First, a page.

A lawsuit against Wal-Mart has been filed in the US District Court for Nebraska by a woman from Fremont who says the company failed to provide her with a work environment that accomodated her disability. Jamie Fritz, who worked in the Wal-Mart jewelry department, was fired by Wal-Mart on February 12, 1998. Here is her story of how she was treated by her employer: “I began my employment with Wal-Mart towards mid Jan of 1998. At the time of my hiring they were made aware that I had a spinal fusion that limited my mobility, and that I was five and a half months pregnant. One day at the beginning of Feb. 1998 I sat down briefly to change a watch battery and my jewelry manager told me that I needed a doctor’s note to do that. I got the doctor’s. note that stated that I should sit as needed due to my spinal fusion. I brought this note to work on my next scheduled day, and was allowed to work that evening. The next day I received a call from my jewelry manager stating that I didn’t need to come in that evening until my note was verified. The following day I received another call stating for me to come in asap. Upon my arrival I was sent back to the main office where two managers explained to me that it did not look professional for me to sit to change a watch battery, and that they could not accomodate my need. I was told that if my disability were to ever go away I could have my job back. I was then asked to sign papers stating that I willingly gave up my job. Of course I refused their request and left the store. In the months following my wrongful termination, I was constantly harrassed whenever I went in there. The Oct. 26th.incident was what really upset me. I was followed through the store, then harrassed upon trying to exit. When I knew the lady at the door had seen me pay for my purchases since I was only 4 checkstands away from her. Then when she asked to see my receipt and then didn’t even look through my bags, that really set me off.” On May 17, 2000, Jamie Fritz filed her lawsuit, under Title I of the Americans with Disabilities Act. She says in her action that Wal-Mart “failed to provide reasonable accomodations…and discriminated against her solely based on her disability by refusing to provide…a work environment free from prolonged standing and repeated bending and stooping.” She is suing the company for future and past loss of compensation, compensatory damages for mental anguish, and punitive damages.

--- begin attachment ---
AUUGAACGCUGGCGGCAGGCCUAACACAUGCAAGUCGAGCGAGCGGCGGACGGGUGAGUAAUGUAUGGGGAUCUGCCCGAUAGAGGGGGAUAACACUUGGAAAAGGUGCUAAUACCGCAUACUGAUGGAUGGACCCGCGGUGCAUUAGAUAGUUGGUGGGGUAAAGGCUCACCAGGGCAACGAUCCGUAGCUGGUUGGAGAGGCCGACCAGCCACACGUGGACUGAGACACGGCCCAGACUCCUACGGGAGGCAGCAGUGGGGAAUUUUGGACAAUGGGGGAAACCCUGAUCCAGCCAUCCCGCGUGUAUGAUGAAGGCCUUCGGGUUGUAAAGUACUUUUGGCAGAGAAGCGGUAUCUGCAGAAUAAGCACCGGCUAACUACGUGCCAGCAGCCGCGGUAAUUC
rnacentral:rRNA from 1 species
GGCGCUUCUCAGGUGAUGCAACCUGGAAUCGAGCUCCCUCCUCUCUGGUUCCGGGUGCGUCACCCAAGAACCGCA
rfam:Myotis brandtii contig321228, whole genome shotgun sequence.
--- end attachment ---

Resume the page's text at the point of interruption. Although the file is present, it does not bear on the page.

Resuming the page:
Wal-Mart says that their corporate philosophy towards workers is based on the concept of “respect for the individual”. As one Wal-Mart employee once said to me: “I’d like to meet that individual, because I certainly never got any respect.” This description of what happened to Jamie Fritz sounds like a story out of a high school gym class: unbending authority dominates individuality. Jamie made the mistake of having to sit down. While she was replacing a customer’s battery, Wal-Mart apparently decided to replace her. Perhaps all it would have taken was a special chair to accomodate Jamie’s needs, but it was Wal-Mart that could not bend. Instead the company pulled the chair from under her and sent her home. Sometimes you can learn alot about a big corporation by the “little” things they do to their own people.